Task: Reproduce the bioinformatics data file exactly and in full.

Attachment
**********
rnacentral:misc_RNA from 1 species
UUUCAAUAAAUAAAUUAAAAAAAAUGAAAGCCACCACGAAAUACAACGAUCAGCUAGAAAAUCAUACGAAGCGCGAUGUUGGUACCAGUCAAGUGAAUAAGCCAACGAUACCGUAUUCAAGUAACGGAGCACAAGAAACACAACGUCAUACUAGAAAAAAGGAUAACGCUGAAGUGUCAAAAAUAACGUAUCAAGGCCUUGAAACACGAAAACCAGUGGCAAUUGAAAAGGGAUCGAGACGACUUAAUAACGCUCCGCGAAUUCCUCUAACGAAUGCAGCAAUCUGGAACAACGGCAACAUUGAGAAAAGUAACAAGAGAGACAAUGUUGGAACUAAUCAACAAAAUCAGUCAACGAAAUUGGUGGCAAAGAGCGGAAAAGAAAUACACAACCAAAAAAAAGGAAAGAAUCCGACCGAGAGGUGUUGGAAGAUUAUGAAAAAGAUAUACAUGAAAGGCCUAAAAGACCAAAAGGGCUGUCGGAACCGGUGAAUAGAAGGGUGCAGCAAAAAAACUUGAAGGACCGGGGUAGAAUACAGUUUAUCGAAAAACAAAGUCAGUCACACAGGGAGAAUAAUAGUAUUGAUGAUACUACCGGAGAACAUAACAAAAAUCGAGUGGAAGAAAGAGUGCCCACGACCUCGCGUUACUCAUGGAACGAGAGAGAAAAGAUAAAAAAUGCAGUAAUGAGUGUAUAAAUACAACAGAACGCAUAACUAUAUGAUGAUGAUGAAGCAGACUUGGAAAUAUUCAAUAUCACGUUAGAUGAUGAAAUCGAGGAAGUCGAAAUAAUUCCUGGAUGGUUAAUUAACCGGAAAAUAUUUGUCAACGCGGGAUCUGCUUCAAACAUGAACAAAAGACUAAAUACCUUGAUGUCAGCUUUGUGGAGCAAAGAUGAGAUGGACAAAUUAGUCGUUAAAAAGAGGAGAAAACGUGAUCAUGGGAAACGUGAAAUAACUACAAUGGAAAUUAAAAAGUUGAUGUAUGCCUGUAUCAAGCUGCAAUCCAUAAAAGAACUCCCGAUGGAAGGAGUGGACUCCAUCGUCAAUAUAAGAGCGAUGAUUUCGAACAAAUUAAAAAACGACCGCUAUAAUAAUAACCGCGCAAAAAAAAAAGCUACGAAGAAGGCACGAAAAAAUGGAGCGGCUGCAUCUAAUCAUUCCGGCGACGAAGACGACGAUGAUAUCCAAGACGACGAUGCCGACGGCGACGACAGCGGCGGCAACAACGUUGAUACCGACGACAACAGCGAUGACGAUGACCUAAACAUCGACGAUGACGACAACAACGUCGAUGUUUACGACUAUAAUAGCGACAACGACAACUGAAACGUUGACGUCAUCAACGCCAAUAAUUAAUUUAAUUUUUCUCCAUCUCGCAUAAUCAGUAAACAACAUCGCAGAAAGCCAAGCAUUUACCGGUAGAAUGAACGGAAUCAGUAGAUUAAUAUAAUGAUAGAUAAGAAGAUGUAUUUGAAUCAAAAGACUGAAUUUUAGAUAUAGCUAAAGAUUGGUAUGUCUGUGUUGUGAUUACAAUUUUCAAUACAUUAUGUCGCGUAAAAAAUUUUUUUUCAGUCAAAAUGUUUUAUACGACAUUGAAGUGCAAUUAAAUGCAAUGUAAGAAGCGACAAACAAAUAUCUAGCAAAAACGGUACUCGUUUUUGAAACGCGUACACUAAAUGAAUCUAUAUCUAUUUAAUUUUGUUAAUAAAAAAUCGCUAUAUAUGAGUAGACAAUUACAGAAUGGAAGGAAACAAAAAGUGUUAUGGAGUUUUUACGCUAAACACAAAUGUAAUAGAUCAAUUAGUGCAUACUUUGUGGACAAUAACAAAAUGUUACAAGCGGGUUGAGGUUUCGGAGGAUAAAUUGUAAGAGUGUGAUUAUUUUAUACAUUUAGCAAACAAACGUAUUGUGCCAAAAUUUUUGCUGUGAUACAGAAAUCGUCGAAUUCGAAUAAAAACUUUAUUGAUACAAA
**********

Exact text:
rnacentral:misc_RNA from 1 species
UUUCAAUAAAUAAAUUAAAAAAAAUGAAAGCCACCACGAAAUACAACGAUCAGCUAGAAAAUCAUACGAAGCGCGAUGUUGGUACCAGUCAAGUGAAUAAGCCAACGAUACCGUAUUCAAGUAACGGAGCACAAGAAACACAACGUCAUACUAGAAAAAAGGAUAACGCUGAAGUGUCAAAAAUAACGUAUCAAGGCCUUGAAACACGAAAACCAGUGGCAAUUGAAAAGGGAUCGAGACGACUUAAUAACGCUCCGCGAAUUCCUCUAACGAAUGCAGCAAUCUGGAACAACGGCAACAUUGAGAAAAGUAACAAGAGAGACAAUGUUGGAACUAAUCAACAAAAUCAGUCAACGAAAUUGGUGGCAAAGAGCGGAAAAGAAAUACACAACCAAAAAAAAGGAAAGAAUCCGACCGAGAGGUGUUGGAAGAUUAUGAAAAAGAUAUACAUGAAAGGCCUAAAAGACCAAAAGGGCUGUCGGAACCGGUGAAUAGAAGGGUGCAGCAAAAAAACUUGAAGGACCGGGGUAGAAUACAGUUUAUCGAAAAACAAAGUCAGUCACACAGGGAGAAUAAUAGUAUUGAUGAUACUACCGGAGAACAUAACAAAAAUCGAGUGGAAGAAAGAGUGCCCACGACCUCGCGUUACUCAUGGAACGAGAGAGAAAAGAUAAAAAAUGCAGUAAUGAGUGUAUAAAUACAACAGAACGCAUAACUAUAUGAUGAUGAUGAAGCAGACUUGGAAAUAUUCAAUAUCACGUUAGAUGAUGAAAUCGAGGAAGUCGAAAUAAUUCCUGGAUGGUUAAUUAACCGGAAAAUAUUUGUCAACGCGGGAUCUGCUUCAAACAUGAACAAAAGACUAAAUACCUUGAUGUCAGCUUUGUGGAGCAAAGAUGAGAUGGACAAAUUAGUCGUUAAAAAGAGGAGAAAACGUGAUCAUGGGAAACGUGAAAUAACUACAAUGGAAAUUAAAAAGUUGAUGUAUGCCUGUAUCAAGCUGCAAUCCAUAAAAGAACUCCCGAUGGAAGGAGUGGACUCCAUCGUCAAUAUAAGAGCGAUGAUUUCGAACAAAUUAAAAAACGACCGCUAUAAUAAUAACCGCGCAAAAAAAAAAGCUACGAAGAAGGCACGAAAAAAUGGAGCGGCUGCAUCUAAUCAUUCCGGCGACGAAGACGACGAUGAUAUCCAAGACGACGAUGCCGACGGCGACGACAGCGGCGGCAACAACGUUGAUACCGACGACAACAGCGAUGACGAUGACCUAAACAUCGACGAUGACGACAACAACGUCGAUGUUUACGACUAUAAUAGCGACAACGACAACUGAAACGUUGACGUCAUCAACGCCAAUAAUUAAUUUAAUUUUUCUCCAUCUCGCAUAAUCAGUAAACAACAUCGCAGAAAGCCAAGCAUUUACCGGUAGAAUGAACGGAAUCAGUAGAUUAAUAUAAUGAUAGAUAAGAAGAUGUAUUUGAAUCAAAAGACUGAAUUUUAGAUAUAGCUAAAGAUUGGUAUGUCUGUGUUGUGAUUACAAUUUUCAAUACAUUAUGUCGCGUAAAAAAUUUUUUUUCAGUCAAAAUGUUUUAUACGACAUUGAAGUGCAAUUAAAUGCAAUGUAAGAAGCGACAAACAAAUAUCUAGCAAAAACGGUACUCGUUUUUGAAACGCGUACACUAAAUGAAUCUAUAUCUAUUUAAUUUUGUUAAUAAAAAAUCGCUAUAUAUGAGUAGACAAUUACAGAAUGGAAGGAAACAAAAAGUGUUAUGGAGUUUUUACGCUAAACACAAAUGUAAUAGAUCAAUUAGUGCAUACUUUGUGGACAAUAACAAAAUGUUACAAGCGGGUUGAGGUUUCGGAGGAUAAAUUGUAAGAGUGUGAUUAUUUUAUACAUUUAGCAAACAAACGUAUUGUGCCAAAAUUUUUGCUGUGAUACAGAAAUCGUCGAAUUCGAAUAAAAACUUUAUUGAUACAAA